Addiction is not a disorder that is easily treated nor cured. As a result, a person may struggle with potential relapse throughout their struggle with addiction. Because treatment programs in Alamo shouldn't end with detoxification alone, a person can engage in programs for relapse prevention in Alamo. Relapse prevention is any program that focuses on helping a person remain sober after they have struggled with drug addiction. This can include individual programs to group participation to find a program that best suits them and their needs.
Treating addiction requires helping a person learn new attitudes and behaviors that a person hasn't adopted in some time. Breaking this addiction can be just as difficult as overcoming other similar chronic health conditions, such as high blood pressure or asthma. In fact, the relapse rates for drug addiction are between 40 and 60 percent, which is slightly lower than that of hypertension and asthma, which total 50 to 70 percent relapse, according to the National Institute on Drug Abuse.
While relapse does happen, having support from those who have successfully gotten and stayed sober as well as medical experts who can help a person learn to identify "addictive" behaviors and correct them when possible..
As mentioned earlier, relapse prevention in Alamo focuses on helping a person learn how to dramatically change their behaviors and ways of thinking. This takes time and evidence-based strategies that can help a person identify even small steps that may be leading them back to a life of drug abuse. No matter the relapse prevention program, there are several different strategies that are commonly employed to help a person prevent relapse. Examples of these include:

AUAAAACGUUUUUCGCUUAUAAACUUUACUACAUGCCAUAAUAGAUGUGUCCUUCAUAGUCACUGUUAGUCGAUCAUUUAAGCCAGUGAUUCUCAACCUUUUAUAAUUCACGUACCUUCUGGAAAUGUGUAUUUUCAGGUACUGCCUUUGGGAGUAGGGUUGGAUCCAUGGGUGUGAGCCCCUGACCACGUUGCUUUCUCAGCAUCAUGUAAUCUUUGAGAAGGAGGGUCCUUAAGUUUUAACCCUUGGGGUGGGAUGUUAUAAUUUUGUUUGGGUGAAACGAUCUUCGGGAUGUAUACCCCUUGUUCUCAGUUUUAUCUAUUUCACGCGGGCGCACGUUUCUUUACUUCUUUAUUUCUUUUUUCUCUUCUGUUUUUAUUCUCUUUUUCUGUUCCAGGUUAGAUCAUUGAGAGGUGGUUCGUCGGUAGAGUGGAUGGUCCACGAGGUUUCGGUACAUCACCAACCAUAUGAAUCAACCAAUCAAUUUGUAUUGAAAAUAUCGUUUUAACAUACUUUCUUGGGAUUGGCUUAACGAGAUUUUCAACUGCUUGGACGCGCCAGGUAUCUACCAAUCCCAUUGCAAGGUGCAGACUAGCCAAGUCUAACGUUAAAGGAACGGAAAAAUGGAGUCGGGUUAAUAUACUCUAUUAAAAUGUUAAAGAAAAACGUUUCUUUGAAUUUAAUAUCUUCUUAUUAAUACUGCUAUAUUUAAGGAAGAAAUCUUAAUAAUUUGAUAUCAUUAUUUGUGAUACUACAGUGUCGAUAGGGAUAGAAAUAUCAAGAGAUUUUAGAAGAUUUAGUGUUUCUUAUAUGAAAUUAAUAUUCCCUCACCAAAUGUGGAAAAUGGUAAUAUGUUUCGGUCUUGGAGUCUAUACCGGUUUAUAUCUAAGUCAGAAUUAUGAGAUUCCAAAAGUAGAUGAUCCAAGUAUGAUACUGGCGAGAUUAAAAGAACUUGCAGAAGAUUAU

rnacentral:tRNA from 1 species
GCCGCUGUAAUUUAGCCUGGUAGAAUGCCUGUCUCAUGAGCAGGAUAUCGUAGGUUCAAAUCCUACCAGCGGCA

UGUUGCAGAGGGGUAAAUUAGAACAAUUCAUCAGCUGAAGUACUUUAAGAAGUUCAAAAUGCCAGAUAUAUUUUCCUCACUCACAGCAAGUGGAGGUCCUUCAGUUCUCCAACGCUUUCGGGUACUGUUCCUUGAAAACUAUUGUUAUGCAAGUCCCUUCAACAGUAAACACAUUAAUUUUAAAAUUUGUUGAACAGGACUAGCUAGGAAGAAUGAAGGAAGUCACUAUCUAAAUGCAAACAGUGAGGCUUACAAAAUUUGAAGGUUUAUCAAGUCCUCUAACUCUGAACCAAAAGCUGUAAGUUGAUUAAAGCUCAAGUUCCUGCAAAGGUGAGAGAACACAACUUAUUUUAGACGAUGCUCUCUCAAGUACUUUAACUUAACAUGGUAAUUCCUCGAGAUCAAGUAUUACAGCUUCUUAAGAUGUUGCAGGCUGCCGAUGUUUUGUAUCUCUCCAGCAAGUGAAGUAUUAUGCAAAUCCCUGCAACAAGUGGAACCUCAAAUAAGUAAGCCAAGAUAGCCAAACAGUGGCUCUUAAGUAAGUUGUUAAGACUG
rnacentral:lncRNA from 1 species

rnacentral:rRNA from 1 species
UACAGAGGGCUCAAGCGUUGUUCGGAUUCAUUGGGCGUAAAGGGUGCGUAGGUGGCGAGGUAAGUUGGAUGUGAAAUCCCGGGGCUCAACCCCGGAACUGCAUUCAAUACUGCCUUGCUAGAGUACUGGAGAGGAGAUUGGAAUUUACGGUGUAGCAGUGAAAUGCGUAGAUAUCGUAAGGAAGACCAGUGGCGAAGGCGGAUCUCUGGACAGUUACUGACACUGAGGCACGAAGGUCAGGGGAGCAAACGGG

Addiction aftercare in Alamo can include several different types of treatment. Examples of available programs for relapse prevention include:
Sober-Living Homes: These homes are a way for a person to rebuild their life while living with others who are committed to sobriety as well. While each sober-living home may have their own rules, they generally include contributing to household chores and sometimes participating in weekly meetings.
Halfway Houses: Halfway houses are another living option where a person can stay sober while trying to rebuild their life. They are usually a more temporary option than when compared to a sober-living home.
AA/NA Meetings: Also known as 12-step meeting, Alcoholics Anonymous (AA) and Narcotics Anonymous (NA) meetings are those that are designed to help a person admit they are powerless over addiction and learn how to live a more honest life. In addition, a person also has a mentor known as a "sponsor" that will encourage and hold the person accountable for their behavior.
Counseling/Therapy: Counseling and therapy can be on an individual basis or in a group setting. Sometimes family also may participate in these sessions. Therapy is important because it helps a person learn how to rebuild their life and develop behaviors that help them resist drugs and alcohol.
Because many people who struggle with substance abuse addiction also have a mental illness, therapy can help to address both questions. Call us now at (956) 231-5946.